Ozark Mountain Daredevils: Ozark Mountain Daredevils

Lou Friedman

There's a reason the Ozark Mountain Daredevils splintered apart in 1979: they hit the end of their creative road. The 1980 version of the band simply proved that point.

Ozark Mountain Daredevils

Ozark Mountain Daredevils

Label: New Era
US Release Date: 2005-11-08
UK Release Date: Available as import
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What the hell were they thinking at Columbia Records back in 1980? Here's a band, the Ozark Mountain Daredevils, popular only in the Ozark region of the U.S. (mostly Missouri and Kansas). They released a string of albums that had limited mass appeal, though their "blind squirrel finds acorn" routine netted them one smash national hit, "Jackie Blue" (which still sounds like no other song in their repertoire -- not a good thing). They concluded their relationship with A&M Records with a live album (It's Alive!) that showcased all that was right about the band.

I guess Columbia had some extra money in their budget…and/or a total lack of foresight. It was as if the label thought they could re-invent the band to be more commercially appealing to a nationwide audience. And I have some ocean-front real estate in New Mexico to sell you…

The eponymous titled Ozark Mountain Daredevils (not to be confused with the 1973 self-titled release that adds the article "The") has one or two good moments interspersed with a lot of bad ones. The 10-song charade…err, parade starts with "Take You Tonight", a fairly melodic number. The problem is, about 30 seconds after the song ends, you'll forget the melody. It's not the most stirring song here, but it's pleasant and non-grating nonetheless. Unfortunately, the same can't be said of any other tune on here, except for the music in "Runnin' Out", which sorta kinda tries to be like a bit of a butt-kicking attempt. The lyrics (such as they are) are rather insipid, though. On the other hand, "Jump at the Chance" sounds like a southern schlocky attempt to sound like the Alan Parsons Project. But wait -- it gets worse.

There's something that gives me the willies when reviewing an album -- I refer to it as the "handclap factor". Now a non-scientific independent study conducted by your humble reviewer reveals that only one of every 64 songs released that feature handclaps somewhere within doesn't suck (live albums excluded). When you hear the clapping of hands during a song, it translates into: "This song sucks big-time, an we're using these handclaps to try and get you involved and distract you from the fact that the song truly does suck -- even we admit that! So please clap along... unless you're dead or already in the clutches of being terminally bored!" "Sailin' Around the World" features handclaps -- need I say more? (It's not the one-in-64, either.)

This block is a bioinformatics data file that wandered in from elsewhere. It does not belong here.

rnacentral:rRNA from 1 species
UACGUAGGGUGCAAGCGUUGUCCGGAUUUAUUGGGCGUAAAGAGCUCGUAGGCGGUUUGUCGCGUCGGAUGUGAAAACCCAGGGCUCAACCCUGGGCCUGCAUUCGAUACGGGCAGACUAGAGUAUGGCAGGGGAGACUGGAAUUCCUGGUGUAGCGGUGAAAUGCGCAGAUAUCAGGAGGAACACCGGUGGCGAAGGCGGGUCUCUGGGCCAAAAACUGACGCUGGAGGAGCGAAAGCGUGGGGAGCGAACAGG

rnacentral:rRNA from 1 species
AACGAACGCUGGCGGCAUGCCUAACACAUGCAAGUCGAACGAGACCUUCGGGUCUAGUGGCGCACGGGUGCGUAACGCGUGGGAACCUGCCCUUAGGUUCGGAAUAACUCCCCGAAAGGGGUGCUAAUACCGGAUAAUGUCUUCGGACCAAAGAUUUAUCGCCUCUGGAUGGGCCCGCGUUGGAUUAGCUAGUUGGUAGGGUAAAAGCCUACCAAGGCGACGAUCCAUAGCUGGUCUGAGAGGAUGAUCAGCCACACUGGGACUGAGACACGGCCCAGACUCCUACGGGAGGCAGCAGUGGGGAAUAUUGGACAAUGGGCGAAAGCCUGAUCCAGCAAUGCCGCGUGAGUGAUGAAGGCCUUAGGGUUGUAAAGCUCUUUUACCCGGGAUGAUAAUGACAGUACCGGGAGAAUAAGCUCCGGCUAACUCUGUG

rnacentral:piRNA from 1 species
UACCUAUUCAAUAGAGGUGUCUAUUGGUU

"Lovin' You" sounds like Orleans (ewww), while "Tough Luck" tries to sound tough... but wet toilet paper is tougher by comparison. "Oh Darlin'" (you'd think this band is from New York, since it can't use the letter "g" in an adjective) is not the Beatles' "Oh Darling" (there's the "g"), but it sure as hell tries to approximate the Fab Four with the same beat as the real thing, and also by using a piano as the prominent instrument. Don't you just love the originality here? Wait -- there's more…

If I wanted to hear Patrick Simmons, I'll listen to Toulouse Street or The Captain and Me or any other old Doobie Brothers album (sans Michael McDonald, please). I don't want to hear a pseudo-Simmons on "Empty Cup". Actually, I'm waiting for Lou Christie to bust in mid-song and start singing "Liiiiiiiiightning is striiiiiiiiiiking again and again and again and again!'', since the guitar riff features the first two notes of the three-chord refrain of that particular song. And any woman named Rosalie who hears the song of the same name should sue the band for defamation of character, in addition to crappy lyrics sung in a sometimes-Spanish lilt. "Fool's Gold", a pseudo-ballad, closes out this messterpiece.

Sadly and scarily, this pile of horse dung came from the same lineage that put out solid material like "Noah" and "If You Wanna Get to Heaven". Truth be told, I have no idea why Ozark Mountain Daredevils was given the re-release treatment, unless it's part of an overall catalogue release. There is no other logical explanation for unleashing this upon masses that aren't looking very hard for it in the first place. It gets its high rating (sarcasm fully intended) because the musicianship isn't completely bad. Guitars seem to be in tune, nobody misses a beat... things like that. And if that's the nicest thing I can say about an album, then the rest is better left unsaid. Just get It's Alive for the only true Ozark Mountain Daredevils experience you'll ever need. As for this record, it makes for a fine mini-Frisbee.


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